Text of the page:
is a law clerk and member of Dickinson Wright PLLC’s IP Academy. He focuses on both transactional and litigation intellectual property matters. Caleb has a Bachelor’s degree in computer science from the University of Nevada, Las Vegas, and attends UNLV’s William S. Boyd School of Law. Prior to joining Dickinson Wright, Caleb was an information technology professional and has a background in cyber-security and information technology.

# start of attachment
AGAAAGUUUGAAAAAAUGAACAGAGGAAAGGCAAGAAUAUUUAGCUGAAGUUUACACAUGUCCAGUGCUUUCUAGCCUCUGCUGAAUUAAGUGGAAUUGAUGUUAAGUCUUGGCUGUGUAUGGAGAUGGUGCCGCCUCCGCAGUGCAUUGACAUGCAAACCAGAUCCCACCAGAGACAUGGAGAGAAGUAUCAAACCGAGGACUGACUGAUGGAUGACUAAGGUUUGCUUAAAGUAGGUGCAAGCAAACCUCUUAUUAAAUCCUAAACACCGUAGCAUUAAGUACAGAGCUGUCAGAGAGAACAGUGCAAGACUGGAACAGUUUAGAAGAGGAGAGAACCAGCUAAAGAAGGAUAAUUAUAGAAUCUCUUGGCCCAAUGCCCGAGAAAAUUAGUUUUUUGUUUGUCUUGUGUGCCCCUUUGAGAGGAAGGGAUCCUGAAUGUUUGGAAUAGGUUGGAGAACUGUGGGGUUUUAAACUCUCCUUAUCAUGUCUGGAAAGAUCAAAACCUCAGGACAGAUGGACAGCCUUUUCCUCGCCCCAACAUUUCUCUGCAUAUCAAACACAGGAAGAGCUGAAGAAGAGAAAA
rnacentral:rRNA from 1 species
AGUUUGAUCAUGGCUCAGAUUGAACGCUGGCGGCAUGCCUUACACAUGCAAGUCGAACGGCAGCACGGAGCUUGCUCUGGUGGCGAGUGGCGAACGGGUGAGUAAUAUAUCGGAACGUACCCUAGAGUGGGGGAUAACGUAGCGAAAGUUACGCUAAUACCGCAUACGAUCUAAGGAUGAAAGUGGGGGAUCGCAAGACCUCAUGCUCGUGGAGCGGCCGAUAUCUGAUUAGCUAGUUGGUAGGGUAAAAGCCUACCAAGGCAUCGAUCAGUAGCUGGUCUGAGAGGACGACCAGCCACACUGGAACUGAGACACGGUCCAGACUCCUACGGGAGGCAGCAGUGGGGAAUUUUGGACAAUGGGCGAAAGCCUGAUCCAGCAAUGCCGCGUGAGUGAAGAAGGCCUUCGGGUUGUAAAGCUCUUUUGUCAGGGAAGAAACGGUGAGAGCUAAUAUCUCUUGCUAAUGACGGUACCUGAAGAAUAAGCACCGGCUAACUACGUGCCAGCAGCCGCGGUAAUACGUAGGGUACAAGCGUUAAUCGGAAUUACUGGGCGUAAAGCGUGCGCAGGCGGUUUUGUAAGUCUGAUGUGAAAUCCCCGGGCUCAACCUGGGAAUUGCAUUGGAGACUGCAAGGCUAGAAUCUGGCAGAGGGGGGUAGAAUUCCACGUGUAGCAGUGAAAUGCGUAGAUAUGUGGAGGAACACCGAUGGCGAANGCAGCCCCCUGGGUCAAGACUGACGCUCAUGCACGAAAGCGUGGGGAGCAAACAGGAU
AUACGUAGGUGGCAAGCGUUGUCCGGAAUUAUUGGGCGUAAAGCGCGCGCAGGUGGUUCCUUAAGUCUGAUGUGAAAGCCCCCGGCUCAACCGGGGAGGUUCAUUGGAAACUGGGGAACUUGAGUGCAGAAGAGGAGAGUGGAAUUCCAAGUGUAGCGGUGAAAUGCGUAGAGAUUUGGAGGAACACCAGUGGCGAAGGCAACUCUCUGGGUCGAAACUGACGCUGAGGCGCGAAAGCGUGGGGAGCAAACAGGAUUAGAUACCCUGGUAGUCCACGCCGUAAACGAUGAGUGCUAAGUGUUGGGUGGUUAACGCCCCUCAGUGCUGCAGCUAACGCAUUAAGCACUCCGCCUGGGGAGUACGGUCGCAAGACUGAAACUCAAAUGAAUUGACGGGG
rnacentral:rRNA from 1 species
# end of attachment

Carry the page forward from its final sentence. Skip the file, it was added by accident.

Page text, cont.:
While all eyes are on China and how it plans to tackle bad faith infringers, the United States Patent and Trademark Office (USPTO) also is cleaning house, implementing stricter rules for acquiring and maintaining trademark registrations. Unlike other countries, the U.S. is a “first to use” country, not “first to register.” This means, generally speaking and with some exceptions, you acquire ownership by being the first to use a trademark, not the first to register. You acquire these automatic common law rights through use, not registration. Why register then? Aside from being able to use that nifty registration symbol and obtain additional remedies in an infringement suit, you also expand your trademark rights nationally. Suddenly, with a registration in hand, your common law rights in, say, California and Nevada expand presumptively (and over time conclusively) to all 50 states. This is why registrations are so valuable, and this is why the USPTO’s initiatives to remove fraudulently obtained and dead marks have such a significant impact on brand conscious clients. Over the last two years, the USPTO has launched several pilot programs and initiatives.